FIG. 10 is a sectional view illustrating the configuration of the seventh embodiment. In FIG. 10, an auxiliary catalyst body 14 which is composed of a noble metal of the platinum group carried on a mesh made of a metal of the iron-chromium-aluminium series and has an inclined shape is disposed between a catalyst body 6 and a transmission window 9 in the vicinity of an injection port 5 which is open in a premixing chamber 4. A fuel (butane gas in the seventh embodiment) which is fed from a fuel tank 1 is exhausted at a high pressure under a flow rate control by a control valve 2, mixed in a mixer 3 equipped inside with a nozzle and a slot (not shown) while sucking ambient air with a flow of a gas injected from the nozzle and supplied into a premixing chamber 4 through the injection port 5 for causing catalytic combustion in the vicinity of an upstream surface (a surface opposed to a transmission window 9) of the catalyst body 6. Combustion waste gas is exhausted from a downstream exhaust gas flow path 8 by way of communicating slots of the catalyst body 6. Out of a large amount of heat rays radiated from the upstream surface of the catalyst body 6 which is heated in an incandescent condition by combustion heat, components having short wavelengths which are mainly consist of visible rays are exhausted forward after transmitting directly through a coat layer 10 and the transmission window 9, whereas heat rays are partially absorbed by the transmission widow 9 and then exhausted as a secondary radiation from the transmission window 9. Almost all components which have long wavelengths are reflected by the coat layer 10, returned to a side of the catalyst body 6, further enhance a temperature of the catalyst body 6 and function to emit a larger amount of radioactive heat rays rich in the components having the short wavelengths. Accordingly, most visible rays and a portion of heat rays having long wavelengths are emitted from the transmission window 9 formed in a front surface of the premixing chamber 4 and used for illumination or other purposes. When an amount of the fuel injected into the mixer 3 is reduced by manipulating the control valve 2, an amount of air sucked by the mixer 3 is also reduced and an amount of mixed gas supplied from the injection port 5 is reduced (a flow speed is lowered simultaneously), whereby a reaction heat on the catalyst body 6 is reduced and its temperature is lowered. When a flow rate of the fuel into the mixer 3 is lowered to 50% to 30% of that for maximum combustion (set to control a temperature of the upstream surface of the catalyst body 6 to 850 to 900 C.), a surface temperature of the catalyst body 6 is 600 C. or lower, whereby incandescence cannot be confirmed visually, and the catalyst body 6 is set in the so-called standby condition where the transmission window 9 scarcely emits visible rays though a combustion reaction continues. When the auxiliary catalyst body 14 is disposed obliquely in the vicinity of the injection port 5 which is open forward in the horizontal direction, the mixed gas flows along main current lines indicated by solid line arrows (A) within a high combustion rate region where a large amount of the mixed gas flows at a high speed, a catalytic combustion reaction scarcely takes place on the auxiliary catalyst body 14 and it is maintained in a heat retaining condition at a temperature of 300 C. to 500 C. while receiving radioactive heat produced by the catalyst body 6. When an amount of the mixed gas is reduced to a level not exceeding a definite or predetermined value, on the other hand, a flow rate is lowered and affected by the upstream inside the premixing chamber 4, the flow line becomes as indicated by a dashed line arrow (B) and the mixed gas flows in contact with the auxiliary catalyst body 14. Since the auxiliary catalyst body 14 is retained at a temperature at which a catalytic reaction can take place, it starts a burning reaction and is set in an incandescent condition of 700 C. to 800 C. due to a concentrated combustion reaction on the auxiliary catalyst body 14 which has a small thermal capacity. Since the auxiliary catalyst body 14 has a high aperture ratio, all the fuel does not react on the auxiliary catalyst body 14 but is supplied in a sufficient amount to the catalyst body 6 located downstream, thereby securing a temperature at which a reaction activity is maintained (approximately 400 C. or higher) and continuing the standby combustion condition. Visible rays which are emitted from the incandescent auxiliary catalyst body 14 are supplied forward through the transmission window 9, thereby securing a partially incandescent state even in the standby combustion and permitting continuation of combustion. Since all amount of the fuel consumed in this condition is a minimum which is required only for maintaining an active temperature of the catalyst body 6 and the visual confirmation of incandescent condition of the auxiliary catalyst body 14, the seventh embodiment is excellently economical. When the seventh embodiment is used as a portable combustor equipped with the fuel tank 1 in particular, it requires fuel charging and container replacement less frequently, and can be used conveniently. When the fuel feeding rate is enhanced for normal use, the seventh embodiment restores the original incandescent condition in a moment since the catalyst body 6 is always kept in the active condition, and the auxiliary catalyst body 14 is simultaneously set out of the flow lines and returned to a standby condition.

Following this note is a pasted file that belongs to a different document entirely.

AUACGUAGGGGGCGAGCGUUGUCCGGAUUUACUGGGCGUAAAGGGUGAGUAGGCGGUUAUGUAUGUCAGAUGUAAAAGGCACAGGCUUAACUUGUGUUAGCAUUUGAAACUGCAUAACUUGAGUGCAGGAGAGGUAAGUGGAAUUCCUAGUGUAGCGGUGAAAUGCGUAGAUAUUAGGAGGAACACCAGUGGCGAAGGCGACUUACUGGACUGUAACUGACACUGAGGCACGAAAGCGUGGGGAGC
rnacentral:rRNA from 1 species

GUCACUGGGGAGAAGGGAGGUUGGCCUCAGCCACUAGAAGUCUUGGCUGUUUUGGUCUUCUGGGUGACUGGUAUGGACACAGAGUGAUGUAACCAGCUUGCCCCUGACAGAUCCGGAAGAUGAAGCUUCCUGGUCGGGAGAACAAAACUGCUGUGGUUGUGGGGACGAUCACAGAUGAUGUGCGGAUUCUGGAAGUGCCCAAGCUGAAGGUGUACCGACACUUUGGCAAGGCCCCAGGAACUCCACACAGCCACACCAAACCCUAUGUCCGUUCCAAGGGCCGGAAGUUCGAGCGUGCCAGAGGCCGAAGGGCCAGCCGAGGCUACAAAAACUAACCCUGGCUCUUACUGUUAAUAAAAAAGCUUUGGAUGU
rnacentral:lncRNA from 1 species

Though the seventh embodiment is described as an example of combustor which utilizes the visible rays, a combustor which does not use the coat layer 10 on the transmission window 9 also exhibits the function and effect described above. Though the auxiliary catalyst body 14 is disposed at a location which is fixed relative to the flow lines of the mixed gas supplied from the injection port 5, the auxiliary catalyst body 14 may be movably disposed by mechanically interlocking it with the control valve 2 or indirectly interlocked (for example, driven with a bimetal) so as to be movable dependently on temperatures detected in the vicinity of the premixing chamber 4 for maintaining the incandescent condition and the standby condition more securely.